Minutes from the last Reserve Bank of Australia board meeting of 5 July, released today, show that it is businesses passing on price increases from the “non labour inputs” that is a key contributor to inflation, and not wage growth.

The RBA board minutes noted that companies “had indicated a greater propensity to pass through cost increases to consumer prices. As a result of these price pressures, inflation was expected to increase in year-ended terms through the remainder of 2022.”

This underlines the findings of yesterday’s Australia Institute report which showed that profits are the main contributor to inflation in Australia.

The RBA did not blame wages for inflation, noting that while wages are expected to grow in the future, they are still only growing at 2.4 % in the year to March 2022, while by their own predictions inflation is tipped to reach 7% by the end of the year.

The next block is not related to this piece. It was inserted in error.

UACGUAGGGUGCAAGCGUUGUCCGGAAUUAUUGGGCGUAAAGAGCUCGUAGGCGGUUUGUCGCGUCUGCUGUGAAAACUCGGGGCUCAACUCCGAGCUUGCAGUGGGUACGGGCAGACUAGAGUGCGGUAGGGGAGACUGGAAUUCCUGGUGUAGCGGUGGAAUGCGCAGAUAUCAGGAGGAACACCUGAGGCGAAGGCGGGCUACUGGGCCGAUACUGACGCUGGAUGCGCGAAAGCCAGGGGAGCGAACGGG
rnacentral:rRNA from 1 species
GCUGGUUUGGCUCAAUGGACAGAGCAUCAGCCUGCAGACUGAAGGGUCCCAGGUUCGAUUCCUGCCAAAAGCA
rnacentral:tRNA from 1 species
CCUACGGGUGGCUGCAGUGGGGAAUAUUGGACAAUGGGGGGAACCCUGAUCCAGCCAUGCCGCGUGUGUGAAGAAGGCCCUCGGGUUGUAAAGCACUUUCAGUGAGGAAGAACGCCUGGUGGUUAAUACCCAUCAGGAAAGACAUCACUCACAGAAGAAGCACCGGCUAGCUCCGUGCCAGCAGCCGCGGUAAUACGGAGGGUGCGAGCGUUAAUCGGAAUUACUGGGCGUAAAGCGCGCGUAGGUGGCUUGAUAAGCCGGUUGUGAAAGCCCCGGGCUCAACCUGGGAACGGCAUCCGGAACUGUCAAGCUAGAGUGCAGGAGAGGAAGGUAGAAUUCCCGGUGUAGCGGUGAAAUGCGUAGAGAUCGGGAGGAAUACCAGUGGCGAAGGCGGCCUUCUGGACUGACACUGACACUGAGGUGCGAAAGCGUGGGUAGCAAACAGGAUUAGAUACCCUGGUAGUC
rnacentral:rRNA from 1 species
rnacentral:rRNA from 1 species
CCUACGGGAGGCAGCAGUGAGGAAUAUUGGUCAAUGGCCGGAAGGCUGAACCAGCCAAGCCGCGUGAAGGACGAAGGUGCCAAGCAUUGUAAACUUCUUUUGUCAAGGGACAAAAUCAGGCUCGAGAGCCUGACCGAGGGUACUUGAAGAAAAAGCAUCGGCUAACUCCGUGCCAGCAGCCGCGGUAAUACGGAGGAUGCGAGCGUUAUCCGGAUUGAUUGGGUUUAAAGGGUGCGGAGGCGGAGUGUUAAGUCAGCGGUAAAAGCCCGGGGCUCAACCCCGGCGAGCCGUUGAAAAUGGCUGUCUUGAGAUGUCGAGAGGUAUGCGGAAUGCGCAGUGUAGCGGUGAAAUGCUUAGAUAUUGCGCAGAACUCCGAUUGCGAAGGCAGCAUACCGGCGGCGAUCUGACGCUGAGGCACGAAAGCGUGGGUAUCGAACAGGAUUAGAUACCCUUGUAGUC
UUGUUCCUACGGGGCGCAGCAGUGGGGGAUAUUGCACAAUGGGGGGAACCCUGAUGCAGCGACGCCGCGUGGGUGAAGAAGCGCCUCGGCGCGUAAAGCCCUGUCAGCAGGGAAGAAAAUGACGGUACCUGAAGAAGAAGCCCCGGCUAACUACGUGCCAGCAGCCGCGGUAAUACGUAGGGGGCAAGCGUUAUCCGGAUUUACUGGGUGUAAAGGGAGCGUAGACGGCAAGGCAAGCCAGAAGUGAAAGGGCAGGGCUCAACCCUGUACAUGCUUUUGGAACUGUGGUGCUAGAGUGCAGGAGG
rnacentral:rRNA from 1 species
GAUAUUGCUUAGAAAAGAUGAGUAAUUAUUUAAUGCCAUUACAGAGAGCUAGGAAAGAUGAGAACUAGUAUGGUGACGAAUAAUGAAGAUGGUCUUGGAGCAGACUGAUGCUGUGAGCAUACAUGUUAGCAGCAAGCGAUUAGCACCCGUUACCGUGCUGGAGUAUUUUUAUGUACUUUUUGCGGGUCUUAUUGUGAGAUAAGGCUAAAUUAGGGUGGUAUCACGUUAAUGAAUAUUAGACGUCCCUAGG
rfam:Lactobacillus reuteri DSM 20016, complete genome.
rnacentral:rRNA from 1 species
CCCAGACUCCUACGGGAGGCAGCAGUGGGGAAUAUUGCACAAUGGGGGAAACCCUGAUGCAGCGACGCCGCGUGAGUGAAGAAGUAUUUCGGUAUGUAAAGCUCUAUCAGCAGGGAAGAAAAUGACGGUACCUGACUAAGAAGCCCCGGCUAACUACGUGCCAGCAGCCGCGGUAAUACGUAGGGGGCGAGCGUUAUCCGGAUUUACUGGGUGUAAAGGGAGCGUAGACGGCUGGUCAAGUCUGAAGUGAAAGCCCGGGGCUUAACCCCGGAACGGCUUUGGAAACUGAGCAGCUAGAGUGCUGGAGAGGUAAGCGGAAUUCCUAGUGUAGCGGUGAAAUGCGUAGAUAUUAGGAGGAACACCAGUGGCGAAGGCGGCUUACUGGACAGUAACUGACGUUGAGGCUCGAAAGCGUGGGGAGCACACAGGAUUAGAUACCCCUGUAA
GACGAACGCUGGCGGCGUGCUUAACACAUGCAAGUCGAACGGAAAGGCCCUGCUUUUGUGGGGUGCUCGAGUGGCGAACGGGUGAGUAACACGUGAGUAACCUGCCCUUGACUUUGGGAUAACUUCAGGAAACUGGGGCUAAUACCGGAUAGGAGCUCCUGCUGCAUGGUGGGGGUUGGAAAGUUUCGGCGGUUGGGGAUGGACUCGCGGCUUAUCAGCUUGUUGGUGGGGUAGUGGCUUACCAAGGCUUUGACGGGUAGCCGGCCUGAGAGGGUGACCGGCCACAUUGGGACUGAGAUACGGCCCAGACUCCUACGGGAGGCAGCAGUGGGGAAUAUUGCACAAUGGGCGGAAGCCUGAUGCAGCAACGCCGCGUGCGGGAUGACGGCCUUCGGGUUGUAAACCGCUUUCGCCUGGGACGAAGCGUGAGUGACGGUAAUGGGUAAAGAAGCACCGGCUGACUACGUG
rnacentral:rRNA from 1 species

The RBA also noted that economic activity is softening because of household uncertainty around inflation and interest rates, suggesting that the cost of living crisis could become a threat to the Australian economy.

Quotes attributable to ACTU Secretary Sally McManus:

“Big businesses are pocketing record profits, while passing on price rises to consumers and refusing to grant real pay rises for workers.

“Working Australians could, and should, be getting their fair share of the economic recovery. Instead, the recovery is being siphoned into offshore bank accounts and record CEO bonuses.

“If working Australians don’t have money to spend on basics, they are not going to spend on discretionary items. These minutes from the RBA show that they agree – low wage growth and low spending is a brake on the economy.

“The bargaining system should be providing wage growth that keeps pace with the cost of living. But after years of neglect at the hands of Coalition governments who prioritise big businesses’ interests, that system isn’t working and must be fixed.”